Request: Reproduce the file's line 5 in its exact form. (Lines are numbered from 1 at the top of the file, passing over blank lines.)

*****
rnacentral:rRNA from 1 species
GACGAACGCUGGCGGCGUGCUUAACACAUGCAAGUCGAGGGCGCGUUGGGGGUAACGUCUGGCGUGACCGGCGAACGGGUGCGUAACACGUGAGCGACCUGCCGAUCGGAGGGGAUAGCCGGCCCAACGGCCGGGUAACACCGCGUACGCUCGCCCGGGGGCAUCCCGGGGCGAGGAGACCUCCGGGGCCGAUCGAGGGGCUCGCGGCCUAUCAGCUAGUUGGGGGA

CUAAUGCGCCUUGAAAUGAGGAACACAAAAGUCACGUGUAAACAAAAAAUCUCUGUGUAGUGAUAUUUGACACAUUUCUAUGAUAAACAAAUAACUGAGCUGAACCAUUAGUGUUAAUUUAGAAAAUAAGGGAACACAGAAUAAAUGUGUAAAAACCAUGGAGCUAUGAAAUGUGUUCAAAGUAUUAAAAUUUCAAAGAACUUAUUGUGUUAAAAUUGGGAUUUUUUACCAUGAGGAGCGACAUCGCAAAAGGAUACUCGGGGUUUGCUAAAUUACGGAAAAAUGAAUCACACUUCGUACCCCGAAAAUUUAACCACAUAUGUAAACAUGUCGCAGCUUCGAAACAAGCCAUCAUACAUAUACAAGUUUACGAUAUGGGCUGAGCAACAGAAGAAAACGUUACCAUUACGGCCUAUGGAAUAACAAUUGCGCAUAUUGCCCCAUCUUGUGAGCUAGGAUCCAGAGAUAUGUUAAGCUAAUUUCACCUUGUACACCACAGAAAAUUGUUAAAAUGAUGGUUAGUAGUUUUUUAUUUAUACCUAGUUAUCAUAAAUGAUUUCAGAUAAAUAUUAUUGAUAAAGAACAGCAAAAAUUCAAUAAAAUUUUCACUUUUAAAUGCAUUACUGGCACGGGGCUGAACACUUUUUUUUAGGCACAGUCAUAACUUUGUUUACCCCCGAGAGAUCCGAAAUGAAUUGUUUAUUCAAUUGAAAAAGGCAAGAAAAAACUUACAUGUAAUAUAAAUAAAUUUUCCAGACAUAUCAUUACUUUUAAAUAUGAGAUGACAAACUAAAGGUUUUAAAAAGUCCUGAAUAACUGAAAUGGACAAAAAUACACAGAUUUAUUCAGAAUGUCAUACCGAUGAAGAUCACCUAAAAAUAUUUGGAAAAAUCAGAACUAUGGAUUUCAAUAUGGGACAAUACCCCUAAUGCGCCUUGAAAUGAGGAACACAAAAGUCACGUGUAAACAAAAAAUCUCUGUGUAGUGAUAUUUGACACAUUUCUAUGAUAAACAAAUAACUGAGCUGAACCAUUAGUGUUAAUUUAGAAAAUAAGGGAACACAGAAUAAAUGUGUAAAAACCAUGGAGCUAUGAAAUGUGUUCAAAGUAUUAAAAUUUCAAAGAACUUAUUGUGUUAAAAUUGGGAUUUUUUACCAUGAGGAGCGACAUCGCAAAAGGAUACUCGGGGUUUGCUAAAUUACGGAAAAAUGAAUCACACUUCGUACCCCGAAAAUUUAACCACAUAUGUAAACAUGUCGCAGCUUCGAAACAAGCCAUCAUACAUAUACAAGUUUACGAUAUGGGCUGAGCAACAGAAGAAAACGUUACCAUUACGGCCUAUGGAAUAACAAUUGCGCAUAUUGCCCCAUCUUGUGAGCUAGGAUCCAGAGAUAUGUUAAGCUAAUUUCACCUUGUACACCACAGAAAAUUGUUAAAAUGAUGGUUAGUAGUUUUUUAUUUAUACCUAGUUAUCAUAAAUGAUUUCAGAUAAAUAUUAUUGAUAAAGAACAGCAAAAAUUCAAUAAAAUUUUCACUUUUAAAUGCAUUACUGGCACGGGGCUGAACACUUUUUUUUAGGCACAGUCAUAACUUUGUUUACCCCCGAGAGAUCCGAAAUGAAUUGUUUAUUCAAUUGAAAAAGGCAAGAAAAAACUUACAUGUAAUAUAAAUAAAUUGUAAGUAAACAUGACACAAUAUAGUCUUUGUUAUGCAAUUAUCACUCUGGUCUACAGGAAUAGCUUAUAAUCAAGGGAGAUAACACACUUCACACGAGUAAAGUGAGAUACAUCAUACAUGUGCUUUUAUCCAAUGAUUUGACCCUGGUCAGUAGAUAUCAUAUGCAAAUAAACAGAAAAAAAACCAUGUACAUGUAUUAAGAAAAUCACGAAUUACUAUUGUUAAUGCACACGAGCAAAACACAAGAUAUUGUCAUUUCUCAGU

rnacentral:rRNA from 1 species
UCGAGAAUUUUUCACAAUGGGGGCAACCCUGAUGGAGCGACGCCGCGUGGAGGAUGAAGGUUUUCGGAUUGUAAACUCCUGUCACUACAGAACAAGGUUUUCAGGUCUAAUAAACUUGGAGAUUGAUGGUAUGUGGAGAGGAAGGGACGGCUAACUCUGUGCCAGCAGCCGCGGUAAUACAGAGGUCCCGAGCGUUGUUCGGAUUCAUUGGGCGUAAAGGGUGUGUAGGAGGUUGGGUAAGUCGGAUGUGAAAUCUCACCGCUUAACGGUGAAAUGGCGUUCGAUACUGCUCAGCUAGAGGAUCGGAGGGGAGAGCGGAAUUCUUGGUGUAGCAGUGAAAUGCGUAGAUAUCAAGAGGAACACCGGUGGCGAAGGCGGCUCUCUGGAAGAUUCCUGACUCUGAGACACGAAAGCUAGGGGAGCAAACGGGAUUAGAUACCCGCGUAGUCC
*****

UCGAGAAUUUUUCACAAUGGGGGCAACCCUGAUGGAGCGACGCCGCGUGGAGGAUGAAGGUUUUCGGAUUGUAAACUCCUGUCACUACAGAACAAGGUUUUCAGGUCUAAUAAACUUGGAGAUUGAUGGUAUGUGGAGAGGAAGGGACGGCUAACUCUGUGCCAGCAGCCGCGGUAAUACAGAGGUCCCGAGCGUUGUUCGGAUUCAUUGGGCGUAAAGGGUGUGUAGGAGGUUGGGUAAGUCGGAUGUGAAAUCUCACCGCUUAACGGUGAAAUGGCGUUCGAUACUGCUCAGCUAGAGGAUCGGAGGGGAGAGCGGAAUUCUUGGUGUAGCAGUGAAAUGCGUAGAUAUCAAGAGGAACACCGGUGGCGAAGGCGGCUCUCUGGAAGAUUCCUGACUCUGAGACACGAAAGCUAGGGGAGCAAACGGGAUUAGAUACCCGCGUAGUCC